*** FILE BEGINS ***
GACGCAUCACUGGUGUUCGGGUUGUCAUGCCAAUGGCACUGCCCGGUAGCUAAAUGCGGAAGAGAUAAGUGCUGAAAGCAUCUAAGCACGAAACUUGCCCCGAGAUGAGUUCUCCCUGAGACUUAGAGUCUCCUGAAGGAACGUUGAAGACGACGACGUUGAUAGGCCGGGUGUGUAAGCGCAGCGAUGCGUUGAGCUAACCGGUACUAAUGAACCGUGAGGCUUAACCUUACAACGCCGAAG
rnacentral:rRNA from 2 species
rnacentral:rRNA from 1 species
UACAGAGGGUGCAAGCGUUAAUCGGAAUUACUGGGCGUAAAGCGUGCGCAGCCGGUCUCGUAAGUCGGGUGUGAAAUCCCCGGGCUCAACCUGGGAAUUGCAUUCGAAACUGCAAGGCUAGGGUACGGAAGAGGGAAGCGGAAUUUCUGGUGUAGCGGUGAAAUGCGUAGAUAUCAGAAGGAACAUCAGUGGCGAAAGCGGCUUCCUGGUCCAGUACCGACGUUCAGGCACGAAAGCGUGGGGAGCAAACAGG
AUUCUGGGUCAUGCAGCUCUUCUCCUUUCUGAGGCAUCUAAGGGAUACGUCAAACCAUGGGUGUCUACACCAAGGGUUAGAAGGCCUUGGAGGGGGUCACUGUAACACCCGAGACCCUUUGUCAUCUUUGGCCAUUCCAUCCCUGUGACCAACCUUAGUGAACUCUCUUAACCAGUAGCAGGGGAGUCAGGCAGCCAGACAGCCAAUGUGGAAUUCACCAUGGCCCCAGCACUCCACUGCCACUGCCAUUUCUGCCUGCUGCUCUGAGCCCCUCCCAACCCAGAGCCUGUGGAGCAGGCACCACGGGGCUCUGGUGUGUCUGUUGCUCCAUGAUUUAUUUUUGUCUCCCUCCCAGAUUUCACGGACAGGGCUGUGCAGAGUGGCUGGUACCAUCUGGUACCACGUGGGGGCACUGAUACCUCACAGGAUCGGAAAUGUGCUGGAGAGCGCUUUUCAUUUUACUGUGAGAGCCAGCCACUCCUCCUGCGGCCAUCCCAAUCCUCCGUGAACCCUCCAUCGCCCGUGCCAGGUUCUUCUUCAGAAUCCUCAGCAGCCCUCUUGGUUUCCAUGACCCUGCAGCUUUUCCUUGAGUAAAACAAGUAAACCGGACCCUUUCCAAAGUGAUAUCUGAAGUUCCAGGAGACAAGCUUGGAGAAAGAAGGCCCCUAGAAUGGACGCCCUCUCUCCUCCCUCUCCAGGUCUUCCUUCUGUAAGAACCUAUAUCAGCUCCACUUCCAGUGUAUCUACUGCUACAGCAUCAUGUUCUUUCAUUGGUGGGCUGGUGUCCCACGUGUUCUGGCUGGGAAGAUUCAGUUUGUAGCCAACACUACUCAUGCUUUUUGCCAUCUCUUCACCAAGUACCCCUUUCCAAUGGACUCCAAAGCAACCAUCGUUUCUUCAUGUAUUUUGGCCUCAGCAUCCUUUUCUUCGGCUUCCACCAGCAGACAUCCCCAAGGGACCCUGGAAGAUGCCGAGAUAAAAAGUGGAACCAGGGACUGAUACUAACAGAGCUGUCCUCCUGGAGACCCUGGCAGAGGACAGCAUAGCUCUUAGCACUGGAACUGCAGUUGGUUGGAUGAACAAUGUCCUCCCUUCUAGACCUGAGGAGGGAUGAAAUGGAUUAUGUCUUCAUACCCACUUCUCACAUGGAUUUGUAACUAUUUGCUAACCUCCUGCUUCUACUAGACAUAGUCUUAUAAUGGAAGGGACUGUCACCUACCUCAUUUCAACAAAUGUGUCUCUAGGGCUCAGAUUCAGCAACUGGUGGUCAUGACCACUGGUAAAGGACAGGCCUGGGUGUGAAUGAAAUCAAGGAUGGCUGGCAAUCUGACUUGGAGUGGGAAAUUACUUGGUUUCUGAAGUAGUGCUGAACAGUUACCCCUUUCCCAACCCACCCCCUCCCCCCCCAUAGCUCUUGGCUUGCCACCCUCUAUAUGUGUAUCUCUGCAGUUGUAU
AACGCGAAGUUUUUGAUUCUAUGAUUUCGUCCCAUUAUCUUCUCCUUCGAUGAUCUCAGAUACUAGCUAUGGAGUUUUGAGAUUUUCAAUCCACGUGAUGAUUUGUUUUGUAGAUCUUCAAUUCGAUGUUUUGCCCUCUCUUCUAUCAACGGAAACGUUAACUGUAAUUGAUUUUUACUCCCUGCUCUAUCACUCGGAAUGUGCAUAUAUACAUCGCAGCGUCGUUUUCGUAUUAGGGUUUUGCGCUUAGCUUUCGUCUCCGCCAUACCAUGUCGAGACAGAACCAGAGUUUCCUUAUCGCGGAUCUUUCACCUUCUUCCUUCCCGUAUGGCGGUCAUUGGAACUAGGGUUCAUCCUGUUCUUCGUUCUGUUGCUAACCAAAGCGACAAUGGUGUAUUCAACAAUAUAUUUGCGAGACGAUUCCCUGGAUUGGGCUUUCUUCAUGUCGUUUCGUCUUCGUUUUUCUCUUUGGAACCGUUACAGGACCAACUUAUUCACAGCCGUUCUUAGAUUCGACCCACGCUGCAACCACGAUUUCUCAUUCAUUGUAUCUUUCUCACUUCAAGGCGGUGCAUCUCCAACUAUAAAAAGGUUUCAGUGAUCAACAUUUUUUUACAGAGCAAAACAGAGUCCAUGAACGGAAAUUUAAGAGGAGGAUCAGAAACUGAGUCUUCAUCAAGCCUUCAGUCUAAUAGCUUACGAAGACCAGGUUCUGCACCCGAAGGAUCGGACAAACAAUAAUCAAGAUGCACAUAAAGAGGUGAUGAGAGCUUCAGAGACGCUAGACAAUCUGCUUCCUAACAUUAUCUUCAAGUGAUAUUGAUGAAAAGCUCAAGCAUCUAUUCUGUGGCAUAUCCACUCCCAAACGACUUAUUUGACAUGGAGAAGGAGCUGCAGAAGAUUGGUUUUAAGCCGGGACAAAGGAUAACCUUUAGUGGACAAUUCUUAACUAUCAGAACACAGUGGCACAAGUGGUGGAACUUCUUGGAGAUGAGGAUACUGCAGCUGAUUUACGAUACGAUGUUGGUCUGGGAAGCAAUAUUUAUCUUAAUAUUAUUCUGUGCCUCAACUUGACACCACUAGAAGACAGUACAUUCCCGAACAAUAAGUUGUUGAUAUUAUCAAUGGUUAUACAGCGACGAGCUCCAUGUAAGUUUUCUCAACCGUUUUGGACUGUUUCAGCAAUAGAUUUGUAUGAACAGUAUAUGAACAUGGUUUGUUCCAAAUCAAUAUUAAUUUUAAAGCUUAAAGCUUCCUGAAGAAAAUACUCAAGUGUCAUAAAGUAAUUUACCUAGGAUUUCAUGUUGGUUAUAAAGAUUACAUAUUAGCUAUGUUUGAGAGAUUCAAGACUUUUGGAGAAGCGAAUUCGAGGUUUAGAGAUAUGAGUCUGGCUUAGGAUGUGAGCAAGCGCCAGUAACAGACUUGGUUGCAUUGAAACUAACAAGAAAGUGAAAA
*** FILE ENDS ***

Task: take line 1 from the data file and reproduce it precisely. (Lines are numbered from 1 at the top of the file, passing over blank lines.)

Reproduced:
GACGCAUCACUGGUGUUCGGGUUGUCAUGCCAAUGGCACUGCCCGGUAGCUAAAUGCGGAAGAGAUAAGUGCUGAAAGCAUCUAAGCACGAAACUUGCCCCGAGAUGAGUUCUCCCUGAGACUUAGAGUCUCCUGAAGGAACGUUGAAGACGACGACGUUGAUAGGCCGGGUGUGUAAGCGCAGCGAUGCGUUGAGCUAACCGGUACUAAUGAACCGUGAGGCUUAACCUUACAACGCCGAAG